death penalty subject to review
By Laura A. Bischoff, The Dayton Daily News
Jan. 15, 2007
Is the death penalty moral?
Strickland, Ohio's new governor, admits he has trouble answering
argument is society has a right to make this decision and at least
at this point it seems that Ohioans embrace that desire and belief,"
said Strickland, a former prison psychologist who at times counseled
death row inmates. But, he added: "I have some concerns about
its effect on society as a whole. I have some concerns about its
effect on those who are actually charged with carrying out the execution.
This is not a simple matter."
admits he grappled with the death penalty issue before deciding
to run for governor, saying he had to "come to terms"
with whether he would be willing to carry out the law. "It
was not an easy decision to reach," he said.
three executions scheduled in the next six weeks, Strickland's stance
on the death penalty could, at the very least, determine the pace
of executions in Ohio. The governor has the power to delay any execution,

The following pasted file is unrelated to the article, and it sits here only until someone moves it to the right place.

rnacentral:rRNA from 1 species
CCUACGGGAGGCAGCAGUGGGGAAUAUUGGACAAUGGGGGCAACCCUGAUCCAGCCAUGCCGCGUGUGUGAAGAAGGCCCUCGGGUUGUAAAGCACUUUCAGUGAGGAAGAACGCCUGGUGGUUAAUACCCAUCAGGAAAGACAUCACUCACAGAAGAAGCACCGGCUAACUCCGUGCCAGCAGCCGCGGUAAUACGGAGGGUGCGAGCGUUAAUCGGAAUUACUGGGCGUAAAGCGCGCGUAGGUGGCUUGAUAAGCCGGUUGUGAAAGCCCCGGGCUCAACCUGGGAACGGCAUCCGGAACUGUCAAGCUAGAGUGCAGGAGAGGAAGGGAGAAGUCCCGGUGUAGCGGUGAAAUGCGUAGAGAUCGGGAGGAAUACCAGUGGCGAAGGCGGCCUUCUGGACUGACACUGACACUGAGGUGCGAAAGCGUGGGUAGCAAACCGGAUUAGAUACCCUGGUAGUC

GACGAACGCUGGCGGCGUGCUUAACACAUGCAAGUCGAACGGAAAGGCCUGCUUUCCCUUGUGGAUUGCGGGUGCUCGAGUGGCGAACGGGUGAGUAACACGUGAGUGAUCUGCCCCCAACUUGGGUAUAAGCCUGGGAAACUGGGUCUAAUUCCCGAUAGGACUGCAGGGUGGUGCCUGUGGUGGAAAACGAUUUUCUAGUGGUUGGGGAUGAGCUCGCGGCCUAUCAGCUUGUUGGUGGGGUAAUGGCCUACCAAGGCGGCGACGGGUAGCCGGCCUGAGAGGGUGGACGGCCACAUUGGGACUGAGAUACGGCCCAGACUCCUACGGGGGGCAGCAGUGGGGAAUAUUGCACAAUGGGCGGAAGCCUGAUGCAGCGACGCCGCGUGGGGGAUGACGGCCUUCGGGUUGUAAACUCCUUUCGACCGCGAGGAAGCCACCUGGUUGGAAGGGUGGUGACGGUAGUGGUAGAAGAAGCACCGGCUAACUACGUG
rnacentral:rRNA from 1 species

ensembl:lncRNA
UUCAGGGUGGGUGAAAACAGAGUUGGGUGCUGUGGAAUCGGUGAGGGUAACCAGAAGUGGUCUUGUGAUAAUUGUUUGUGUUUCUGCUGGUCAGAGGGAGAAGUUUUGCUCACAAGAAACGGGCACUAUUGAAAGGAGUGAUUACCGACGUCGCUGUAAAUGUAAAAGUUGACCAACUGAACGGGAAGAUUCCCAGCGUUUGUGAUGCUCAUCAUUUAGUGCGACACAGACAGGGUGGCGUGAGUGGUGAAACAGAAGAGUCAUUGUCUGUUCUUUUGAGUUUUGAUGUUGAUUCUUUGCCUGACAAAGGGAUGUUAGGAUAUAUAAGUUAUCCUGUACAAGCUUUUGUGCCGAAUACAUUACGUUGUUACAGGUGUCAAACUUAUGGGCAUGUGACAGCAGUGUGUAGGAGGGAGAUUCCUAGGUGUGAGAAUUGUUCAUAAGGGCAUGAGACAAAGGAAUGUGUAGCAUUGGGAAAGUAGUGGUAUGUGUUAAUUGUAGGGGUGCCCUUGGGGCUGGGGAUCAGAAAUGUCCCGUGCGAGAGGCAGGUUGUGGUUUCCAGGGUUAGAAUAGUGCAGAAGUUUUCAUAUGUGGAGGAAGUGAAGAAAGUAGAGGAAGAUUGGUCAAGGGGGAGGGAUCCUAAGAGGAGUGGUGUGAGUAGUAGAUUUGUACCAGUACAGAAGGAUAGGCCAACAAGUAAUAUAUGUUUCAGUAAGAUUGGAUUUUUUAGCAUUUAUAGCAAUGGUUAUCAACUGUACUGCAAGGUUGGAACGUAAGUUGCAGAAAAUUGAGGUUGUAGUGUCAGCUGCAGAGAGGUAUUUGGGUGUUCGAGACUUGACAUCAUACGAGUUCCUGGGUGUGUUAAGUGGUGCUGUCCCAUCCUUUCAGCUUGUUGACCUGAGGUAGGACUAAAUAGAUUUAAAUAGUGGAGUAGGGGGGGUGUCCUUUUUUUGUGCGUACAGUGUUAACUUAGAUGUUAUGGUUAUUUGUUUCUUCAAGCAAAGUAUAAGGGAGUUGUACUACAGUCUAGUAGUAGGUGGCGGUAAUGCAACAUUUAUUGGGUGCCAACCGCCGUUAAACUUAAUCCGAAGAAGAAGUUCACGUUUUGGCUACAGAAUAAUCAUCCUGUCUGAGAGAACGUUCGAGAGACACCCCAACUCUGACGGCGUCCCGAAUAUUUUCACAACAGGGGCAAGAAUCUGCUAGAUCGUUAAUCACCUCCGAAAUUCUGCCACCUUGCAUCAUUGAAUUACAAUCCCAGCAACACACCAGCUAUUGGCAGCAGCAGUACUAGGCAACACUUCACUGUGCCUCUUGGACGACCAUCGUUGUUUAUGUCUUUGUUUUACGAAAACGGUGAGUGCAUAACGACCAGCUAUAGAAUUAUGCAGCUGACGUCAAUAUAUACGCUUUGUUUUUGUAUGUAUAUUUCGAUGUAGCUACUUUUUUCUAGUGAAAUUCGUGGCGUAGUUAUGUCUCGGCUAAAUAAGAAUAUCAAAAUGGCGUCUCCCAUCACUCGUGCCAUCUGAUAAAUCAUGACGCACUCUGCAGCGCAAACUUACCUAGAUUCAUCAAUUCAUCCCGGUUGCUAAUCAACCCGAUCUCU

and Strickland says he may need more time to review the lengthy
files of upcoming cases.
death penalty may be under more scrutiny. Newly elected Attorney
General Marc Dann, like Strickland a Democrat, is advocating a study
of the death penalty and how it is applied in Ohio. "There
is a pretty wide disparity with how the death penalty is administered
in the state and I think we need to take a look at whether we're
doing it the best possible way or whether there are better ways.
Or whether we should do it at all," Dann said.
a handful of Ohio death row inmates filed suit in federal court
challenging the constitutionality of lethal injection, Ohio's method
of execution. They include Kenneth Biros, who was scheduled to die
Jan. 23 but received a federal stay of execution.
admits that there could be innocent prisoners on Ohio's death row.
why I think it's incumbent upon me or any other governor to exercise
extreme care in this matter," Strickland said. "As you
know, there have been documented cases, I think at this point even
scores, certainly numerous people released after extended periods
of stay on death row as a result of new information, primarily related
to DNA testing. No system is totally perfect in its application."